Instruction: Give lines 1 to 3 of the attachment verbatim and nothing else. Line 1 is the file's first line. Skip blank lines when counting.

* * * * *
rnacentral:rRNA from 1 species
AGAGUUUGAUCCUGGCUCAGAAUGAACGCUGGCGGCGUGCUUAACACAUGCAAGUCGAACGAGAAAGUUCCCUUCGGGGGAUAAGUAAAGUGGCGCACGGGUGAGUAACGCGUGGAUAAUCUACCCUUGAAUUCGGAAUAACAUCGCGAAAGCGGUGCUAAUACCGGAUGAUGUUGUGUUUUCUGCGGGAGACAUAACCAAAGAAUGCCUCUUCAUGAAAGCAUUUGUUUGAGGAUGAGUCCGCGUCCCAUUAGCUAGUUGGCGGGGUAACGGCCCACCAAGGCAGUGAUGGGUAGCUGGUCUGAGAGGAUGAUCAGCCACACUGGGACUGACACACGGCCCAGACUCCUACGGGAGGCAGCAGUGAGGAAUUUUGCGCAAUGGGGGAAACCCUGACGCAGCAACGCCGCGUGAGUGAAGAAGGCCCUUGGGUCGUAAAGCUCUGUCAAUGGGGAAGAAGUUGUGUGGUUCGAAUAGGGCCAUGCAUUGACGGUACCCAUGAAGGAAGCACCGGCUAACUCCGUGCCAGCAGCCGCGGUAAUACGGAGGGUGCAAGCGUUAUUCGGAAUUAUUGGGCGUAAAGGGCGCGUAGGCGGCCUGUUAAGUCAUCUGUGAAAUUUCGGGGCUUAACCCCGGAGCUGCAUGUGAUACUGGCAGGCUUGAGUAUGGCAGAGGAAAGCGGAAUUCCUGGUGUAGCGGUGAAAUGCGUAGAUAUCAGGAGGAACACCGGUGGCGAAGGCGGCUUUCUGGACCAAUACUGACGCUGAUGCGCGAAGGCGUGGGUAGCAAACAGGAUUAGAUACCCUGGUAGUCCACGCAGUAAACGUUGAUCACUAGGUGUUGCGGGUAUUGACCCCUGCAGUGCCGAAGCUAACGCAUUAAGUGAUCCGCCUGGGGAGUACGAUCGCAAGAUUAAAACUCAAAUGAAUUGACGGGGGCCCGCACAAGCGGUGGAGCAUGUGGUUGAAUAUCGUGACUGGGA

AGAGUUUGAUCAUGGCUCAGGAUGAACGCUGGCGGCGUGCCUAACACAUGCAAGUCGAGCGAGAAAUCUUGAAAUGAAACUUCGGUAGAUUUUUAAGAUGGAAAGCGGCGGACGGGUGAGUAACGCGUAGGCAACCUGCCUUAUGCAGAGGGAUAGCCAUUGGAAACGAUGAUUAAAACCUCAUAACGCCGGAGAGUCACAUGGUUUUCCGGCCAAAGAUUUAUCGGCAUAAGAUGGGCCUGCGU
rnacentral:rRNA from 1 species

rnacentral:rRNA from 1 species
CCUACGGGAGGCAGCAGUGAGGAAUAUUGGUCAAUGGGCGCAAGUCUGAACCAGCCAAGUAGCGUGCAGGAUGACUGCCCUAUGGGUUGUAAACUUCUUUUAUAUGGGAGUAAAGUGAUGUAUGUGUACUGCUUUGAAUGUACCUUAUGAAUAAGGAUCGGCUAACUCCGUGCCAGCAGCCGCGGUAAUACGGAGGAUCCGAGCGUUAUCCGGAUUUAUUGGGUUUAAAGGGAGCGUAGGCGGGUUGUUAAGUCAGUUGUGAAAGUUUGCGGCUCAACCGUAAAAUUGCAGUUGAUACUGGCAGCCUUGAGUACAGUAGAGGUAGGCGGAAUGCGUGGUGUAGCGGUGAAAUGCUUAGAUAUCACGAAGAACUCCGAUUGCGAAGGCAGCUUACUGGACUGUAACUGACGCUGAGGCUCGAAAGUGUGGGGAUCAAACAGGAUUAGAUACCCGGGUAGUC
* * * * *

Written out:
rnacentral:rRNA from 1 species
AGAGUUUGAUCCUGGCUCAGAAUGAACGCUGGCGGCGUGCUUAACACAUGCAAGUCGAACGAGAAAGUUCCCUUCGGGGGAUAAGUAAAGUGGCGCACGGGUGAGUAACGCGUGGAUAAUCUACCCUUGAAUUCGGAAUAACAUCGCGAAAGCGGUGCUAAUACCGGAUGAUGUUGUGUUUUCUGCGGGAGACAUAACCAAAGAAUGCCUCUUCAUGAAAGCAUUUGUUUGAGGAUGAGUCCGCGUCCCAUUAGCUAGUUGGCGGGGUAACGGCCCACCAAGGCAGUGAUGGGUAGCUGGUCUGAGAGGAUGAUCAGCCACACUGGGACUGACACACGGCCCAGACUCCUACGGGAGGCAGCAGUGAGGAAUUUUGCGCAAUGGGGGAAACCCUGACGCAGCAACGCCGCGUGAGUGAAGAAGGCCCUUGGGUCGUAAAGCUCUGUCAAUGGGGAAGAAGUUGUGUGGUUCGAAUAGGGCCAUGCAUUGACGGUACCCAUGAAGGAAGCACCGGCUAACUCCGUGCCAGCAGCCGCGGUAAUACGGAGGGUGCAAGCGUUAUUCGGAAUUAUUGGGCGUAAAGGGCGCGUAGGCGGCCUGUUAAGUCAUCUGUGAAAUUUCGGGGCUUAACCCCGGAGCUGCAUGUGAUACUGGCAGGCUUGAGUAUGGCAGAGGAAAGCGGAAUUCCUGGUGUAGCGGUGAAAUGCGUAGAUAUCAGGAGGAACACCGGUGGCGAAGGCGGCUUUCUGGACCAAUACUGACGCUGAUGCGCGAAGGCGUGGGUAGCAAACAGGAUUAGAUACCCUGGUAGUCCACGCAGUAAACGUUGAUCACUAGGUGUUGCGGGUAUUGACCCCUGCAGUGCCGAAGCUAACGCAUUAAGUGAUCCGCCUGGGGAGUACGAUCGCAAGAUUAAAACUCAAAUGAAUUGACGGGGGCCCGCACAAGCGGUGGAGCAUGUGGUUGAAUAUCGUGACUGGGA

AGAGUUUGAUCAUGGCUCAGGAUGAACGCUGGCGGCGUGCCUAACACAUGCAAGUCGAGCGAGAAAUCUUGAAAUGAAACUUCGGUAGAUUUUUAAGAUGGAAAGCGGCGGACGGGUGAGUAACGCGUAGGCAACCUGCCUUAUGCAGAGGGAUAGCCAUUGGAAACGAUGAUUAAAACCUCAUAACGCCGGAGAGUCACAUGGUUUUCCGGCCAAAGAUUUAUCGGCAUAAGAUGGGCCUGCGU